Opinion writer

Squeamish Republicans defensive about their votes for President Trump — or worse, their continued support for him — will tell you when presented with a long list of Trump’s moral and policy debacles that it’s all worth it for some policy “win.”

The “but the Supreme Court” defense in essence presumes that anything and everything are wiped away by a single Supreme Court justice on a court that is never permanently skewed in one party’s favor. An alternative is “but tax cuts” — as if a single piece of tax legislation of questionable effectiveness would standing alone make the Trump presidency worthwhile. Such reasoning was always going to provide justification for monstrous actions. And now it has — babies in cages, toddlers taken from their mothers, children separated with no plan for reuniting them with their parents.

Let’s take this hypothetical: If, at the time of the election, Republican apologists knew that Trump would put Justice Neil Gorsuch on the court and get a tax cut but that the United States would engage in its worst human rights violation in years, would they have still voted for him? If the answer is yes, no morally intelligent conversation can be had. (And by the way, this is the exact position many, if not most, elected Republicans take — a strong argument for the idea that the GOP cannot be saved.) That is the logic of all human rights abusers: Yes, he threw opponents in jail, but look at the new highways! Yes, he slaughtered a religious minority, but gas prices are down!

If, however, the answer is that of course some discrete policy objective cannot justify the human suffering Trump has unleashed and the moral stain it will leave on the country, then it is time for Republicans to admit that they made a tragic mistake and that their continued defense of him is morally unsustainable.

The episode is as horrifying as it is clarifying. The consequences when ordinary people do horrible things are front and center for all Americans:

  • What happens when those in power dehumanize (“animals,” “rapists,” “infestation”) a group of people? It prevents others from empathizing and creates a sense of panic that justifies what normally would not be justified.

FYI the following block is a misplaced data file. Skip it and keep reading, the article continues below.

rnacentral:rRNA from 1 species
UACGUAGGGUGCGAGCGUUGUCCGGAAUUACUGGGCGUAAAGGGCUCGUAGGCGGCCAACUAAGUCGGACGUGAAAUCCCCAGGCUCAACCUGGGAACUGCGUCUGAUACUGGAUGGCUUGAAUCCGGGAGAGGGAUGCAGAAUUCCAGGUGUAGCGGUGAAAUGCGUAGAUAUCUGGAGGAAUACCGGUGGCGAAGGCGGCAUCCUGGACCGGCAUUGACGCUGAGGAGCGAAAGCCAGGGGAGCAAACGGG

• How do good people remain in office and keep the wheels of bureaucracy going? They become prisoners of groupthink or go along with the crowd for fear of losing power and acceptance.
  • Why are those in power unable to stand up to those engaged in evil actions? Courageous people are the exception, not the rule.
  • How does language (“detention facility”) obscure an emotionally horrifying reality (children taken from their parents)? If we said, “Trump has put crying babies in a jail without their parents,” people might get upset!
  • How can propaganda that repeats falsehoods again and again (immigrants are criminals, there is no policy) numb and confuse the population? Look no further than Trump and the state TV hosts at Fox News.

We should by now have known the answers to these questions — which are present in nearly every human rights abomination in modern history. That’s the whole meaning of the human rights mantra “Never Again.” And yet just as in every human rights horror, there is a failure now to recognize, “Oh yes, this is what a human right catastrophe looks like.”

Perhaps abject fear of losing their seats will force Congress — which did not cause this problem — to resolve it quickly before more children are traumatized. But going forward, I will not regard the people who passed the buck, who justified the unjustifiable or who made ludicrous arguments instead of acting in the same light. They are not merely people with whom I have a policy dispute. They were participants in a horrendous episode in American history and deserve to be ostracized from public life.